V&R Chapter 6 discusses one of my absolutely favourite philosophy books: Homo Ludens by Huizinga. This is a book I think largely true. He identifies the Baroque as an intensely playful period and points to the strange fact that during the Baroque the West expanded its intellectual and commercial footprint all the while its adventurers were wearing the allonge wig!
Here is one of my other favourite thinkers, Lord Shaftesbury, wearing one:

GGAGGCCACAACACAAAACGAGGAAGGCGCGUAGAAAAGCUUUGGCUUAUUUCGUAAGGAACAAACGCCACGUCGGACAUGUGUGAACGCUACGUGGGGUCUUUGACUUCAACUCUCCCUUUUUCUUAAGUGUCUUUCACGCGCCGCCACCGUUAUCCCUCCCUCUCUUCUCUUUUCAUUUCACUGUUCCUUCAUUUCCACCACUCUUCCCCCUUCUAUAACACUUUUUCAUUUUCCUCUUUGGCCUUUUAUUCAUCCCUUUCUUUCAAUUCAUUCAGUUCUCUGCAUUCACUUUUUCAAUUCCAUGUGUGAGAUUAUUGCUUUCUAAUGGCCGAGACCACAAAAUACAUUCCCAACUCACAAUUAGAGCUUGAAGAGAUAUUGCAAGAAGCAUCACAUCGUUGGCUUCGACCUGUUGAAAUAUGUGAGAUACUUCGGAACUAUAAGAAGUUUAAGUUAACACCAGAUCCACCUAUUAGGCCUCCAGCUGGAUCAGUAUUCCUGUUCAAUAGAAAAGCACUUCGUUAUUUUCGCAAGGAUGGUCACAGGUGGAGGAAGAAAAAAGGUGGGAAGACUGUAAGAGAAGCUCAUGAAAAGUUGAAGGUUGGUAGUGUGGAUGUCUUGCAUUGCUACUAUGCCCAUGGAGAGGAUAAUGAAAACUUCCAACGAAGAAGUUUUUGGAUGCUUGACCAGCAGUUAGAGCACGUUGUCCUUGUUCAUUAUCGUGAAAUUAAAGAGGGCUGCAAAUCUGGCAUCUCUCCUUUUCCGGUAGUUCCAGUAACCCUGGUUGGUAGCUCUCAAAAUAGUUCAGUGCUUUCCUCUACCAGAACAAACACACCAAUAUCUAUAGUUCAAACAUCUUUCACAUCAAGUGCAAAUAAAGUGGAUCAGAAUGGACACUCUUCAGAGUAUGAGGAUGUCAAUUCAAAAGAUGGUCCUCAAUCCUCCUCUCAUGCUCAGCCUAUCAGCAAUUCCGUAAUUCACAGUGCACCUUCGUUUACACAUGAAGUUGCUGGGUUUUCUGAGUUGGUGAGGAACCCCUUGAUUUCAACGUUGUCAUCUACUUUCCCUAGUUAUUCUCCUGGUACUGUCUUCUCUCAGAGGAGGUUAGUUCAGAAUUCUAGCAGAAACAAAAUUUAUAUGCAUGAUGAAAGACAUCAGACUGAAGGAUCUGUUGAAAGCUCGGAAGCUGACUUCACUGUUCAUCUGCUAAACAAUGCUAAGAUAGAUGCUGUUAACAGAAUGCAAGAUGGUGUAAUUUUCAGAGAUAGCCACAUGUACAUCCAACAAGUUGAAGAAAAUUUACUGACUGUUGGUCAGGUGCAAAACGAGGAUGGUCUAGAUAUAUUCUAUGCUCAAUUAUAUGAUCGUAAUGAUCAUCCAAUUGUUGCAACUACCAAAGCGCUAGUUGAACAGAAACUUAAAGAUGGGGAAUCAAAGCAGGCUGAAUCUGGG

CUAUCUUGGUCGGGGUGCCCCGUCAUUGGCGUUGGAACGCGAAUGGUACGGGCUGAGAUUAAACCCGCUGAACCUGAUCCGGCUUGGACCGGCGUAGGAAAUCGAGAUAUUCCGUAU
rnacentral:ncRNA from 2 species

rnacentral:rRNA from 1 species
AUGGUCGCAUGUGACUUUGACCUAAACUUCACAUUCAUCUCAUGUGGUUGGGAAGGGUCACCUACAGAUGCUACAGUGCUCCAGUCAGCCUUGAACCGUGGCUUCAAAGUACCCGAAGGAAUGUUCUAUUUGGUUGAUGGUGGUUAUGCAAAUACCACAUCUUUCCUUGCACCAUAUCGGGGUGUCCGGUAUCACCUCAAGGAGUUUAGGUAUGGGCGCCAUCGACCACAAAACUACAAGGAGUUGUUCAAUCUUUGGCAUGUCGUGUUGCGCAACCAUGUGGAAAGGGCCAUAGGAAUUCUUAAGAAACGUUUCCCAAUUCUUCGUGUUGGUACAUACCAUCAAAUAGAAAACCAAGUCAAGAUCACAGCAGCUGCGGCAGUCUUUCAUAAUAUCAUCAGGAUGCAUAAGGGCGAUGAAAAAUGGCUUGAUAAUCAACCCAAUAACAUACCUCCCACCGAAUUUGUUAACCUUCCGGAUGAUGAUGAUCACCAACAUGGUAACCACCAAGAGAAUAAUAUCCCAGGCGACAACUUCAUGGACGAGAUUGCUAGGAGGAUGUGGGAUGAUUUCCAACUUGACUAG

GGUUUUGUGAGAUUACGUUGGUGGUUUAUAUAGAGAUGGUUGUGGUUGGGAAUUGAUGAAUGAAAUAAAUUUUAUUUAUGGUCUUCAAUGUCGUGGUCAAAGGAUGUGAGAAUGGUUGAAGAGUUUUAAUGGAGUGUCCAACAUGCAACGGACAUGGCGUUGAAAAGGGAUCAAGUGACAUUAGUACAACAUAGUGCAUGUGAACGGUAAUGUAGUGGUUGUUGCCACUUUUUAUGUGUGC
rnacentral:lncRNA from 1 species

On the cusp of World War II, Huizinga laments that we are no longer so playful and I suspect he is right. A pleasing exception is the Hermes scarf. Its square shape functions like a playing field inviting artists to play with outlandish story lines — a prince living in a chestnut tree who wanders the forest carrying an umbrella which transforms into a princess (https://www.wsj.com/articles/SB10001424127887323975004578499110750076242).
Play, argues Huizinga, teaches fair play. Kant agrees: deferring to the rules of games is a crucial aid to the moral life. The Baroque might relish the overdone but its playfulness also secures civilisation.